The video was edited using Premiere Pro CS4.

When editing the video, I aimed to create a nostalgic feeling by creating a montage of video footage and photographs of the school during the seventies accompanied by Hong Kong music from the 1970s. The first obstacle I encountered was that no such video footage exists. There are a few rolls of Super 8 film from 1980 (I will get some of these developed this summer) and a collection of video tapes starting from 1990.

The collection of photos was also problematic. There weren’t that many photos, most of them were unlabeled, a lot of them were tiny (just slightly larger than the size of passport photos) and many were in rough shape—covered with scratches, tears and dust marks. The negatives were in even greater disarray, so I chose to scan the photos using a flat-bed scanner set at a high resolution (600 dpi) and 200 percent of the original size. The resulting files were huge, but the large sizes made it easier to retouch the photos.

The photos were retouched in Photoshop using various methods:

  • I adjusted the brightness, contrast and levels, sometimes altering things like exposure and gamma (and sometimes doing colour correction for the few colour photos).
  • All the photos needed noise reduction to reduce speckles, spots and scratches. This was done by using the ‘dust and scratches’ filter and the. clone tool. Occasionally, the smart blur feature was used to get rid of speckles on plain backgrounds.
  • Sometimes drastic surgery was required. For, example if an image of someone was missing a right eye, the persons left eye would be copied and moved to the appropriate place and reversed.
  • A couple of  photos were covered in white spots produced by the light from the scanner highlighting the grain of the photo paper.  The technique used to remove most of the spots was to scan the same image upside down, rotate it 180 degrees, paste it as a layer over the original image, auto-align the two images and then change the blending mode to darken.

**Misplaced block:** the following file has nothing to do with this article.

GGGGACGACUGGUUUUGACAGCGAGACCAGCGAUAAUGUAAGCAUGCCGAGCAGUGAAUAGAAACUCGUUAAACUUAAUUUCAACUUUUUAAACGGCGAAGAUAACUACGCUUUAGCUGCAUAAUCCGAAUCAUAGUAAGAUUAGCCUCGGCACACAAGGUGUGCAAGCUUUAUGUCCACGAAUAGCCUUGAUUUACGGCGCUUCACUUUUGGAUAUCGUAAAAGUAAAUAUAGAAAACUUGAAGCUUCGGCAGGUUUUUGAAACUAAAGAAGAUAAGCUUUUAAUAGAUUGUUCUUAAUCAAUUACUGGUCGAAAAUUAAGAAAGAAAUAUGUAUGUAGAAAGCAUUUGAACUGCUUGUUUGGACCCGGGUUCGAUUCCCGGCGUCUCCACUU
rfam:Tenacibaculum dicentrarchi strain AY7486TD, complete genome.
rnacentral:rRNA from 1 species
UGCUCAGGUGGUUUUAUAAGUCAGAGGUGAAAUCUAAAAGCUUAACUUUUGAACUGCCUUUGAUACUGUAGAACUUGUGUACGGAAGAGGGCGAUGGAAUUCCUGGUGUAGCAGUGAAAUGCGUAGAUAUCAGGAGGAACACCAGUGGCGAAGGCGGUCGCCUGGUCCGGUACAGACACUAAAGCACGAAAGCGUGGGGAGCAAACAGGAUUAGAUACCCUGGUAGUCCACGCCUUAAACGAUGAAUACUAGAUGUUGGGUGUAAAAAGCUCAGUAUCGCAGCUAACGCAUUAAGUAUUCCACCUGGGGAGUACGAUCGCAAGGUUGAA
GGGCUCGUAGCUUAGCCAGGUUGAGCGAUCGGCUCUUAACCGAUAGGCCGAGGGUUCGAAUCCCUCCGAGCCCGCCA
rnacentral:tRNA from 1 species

Some of the images needed to be rotated, but this was done in Premiere Pro because I did not want to worry about having to crop important parts of photos.

Music

The music soundtrack includes English and Cantonese songs recorded in the seventies by Sam Hui (Hui Koon-kit), Paula Tsui (徐小鳳), The Wynners (溫拿), Frances Yip (葉麗儀) and Roman Tam (羅文). Needless to say, compiling the soundtrack required a fair amount of research. If you are interested in learning more about the music selected for the  video, I’ve written an article on that here: Soundtrack to School Memories in the Seventies.
 

3. Super Video: 10th Anniversary Celebration

This is a video I created in October 2010 using old Super 8 footage from SKH Lam Woo Memorial Secondary School’s 10th anniversary celebrations held in in November 1980. The video was produced for the school’s 40th anniversary celebrations and is the second in a series of promotional videos

These Super 8 video clips were recorded during the school’s tenth anniversary celebrations in November 1980. It is the only video footage from the school’s first thirty years (the camera operators are unknown). This video features almost every clip from seven of the eight original reels of film (each real contained about two-and-a-half minutes of film). The type of Super 8 film used for these recordings cannot record sound. All sounds and music were added in the editing process.The following tracks were used as background music:

  1. Dustin O’Halloran – Opus 36
  2. Gackt – Returner
  3. Epik High – Forest
  4. Joe Hisaishi – Theme from Princess Mononoke
  5. Kostas Pavlidis – Spread Your Wings and Fly
  6. 楊庶正 – 祝福太平山 (performed by the Lam Woo’s Intermediate Girls Choir)
  7. Hon See-wah – Erhu Solo
  8. Michael Nyman – Peeking
  9. The Brilliant Green – Goodbye and Good Luck

Related Videos

Here are silent versions of individual scenes:
Lam Woo Pom Poms

 

Lam Woo Lion Dance

 

Gymnastics Dance Routine

 

The following footage did not suit the 10th Anniversary Celebrations, so I uploaded it separately:
1980 Speech Day (Unedited footage of the school’s speech day held during the anniversary celebrations. A recent version of the school hymn being performed by the school’s mixed voice choir is used as the audio track.The film quality is not good because the lighting conditions were not suitable for shooting with that kind of camera at such a distance (the camera appears to be have been positioned on the balcony at the back of the hall). In addition, the film has deteriorated over the last thirty years and almost all colour information has been lost (the whole film had turned reddish). Basically, I just tried to make the scene visible by working with various effects relating to light (mainly luma correction).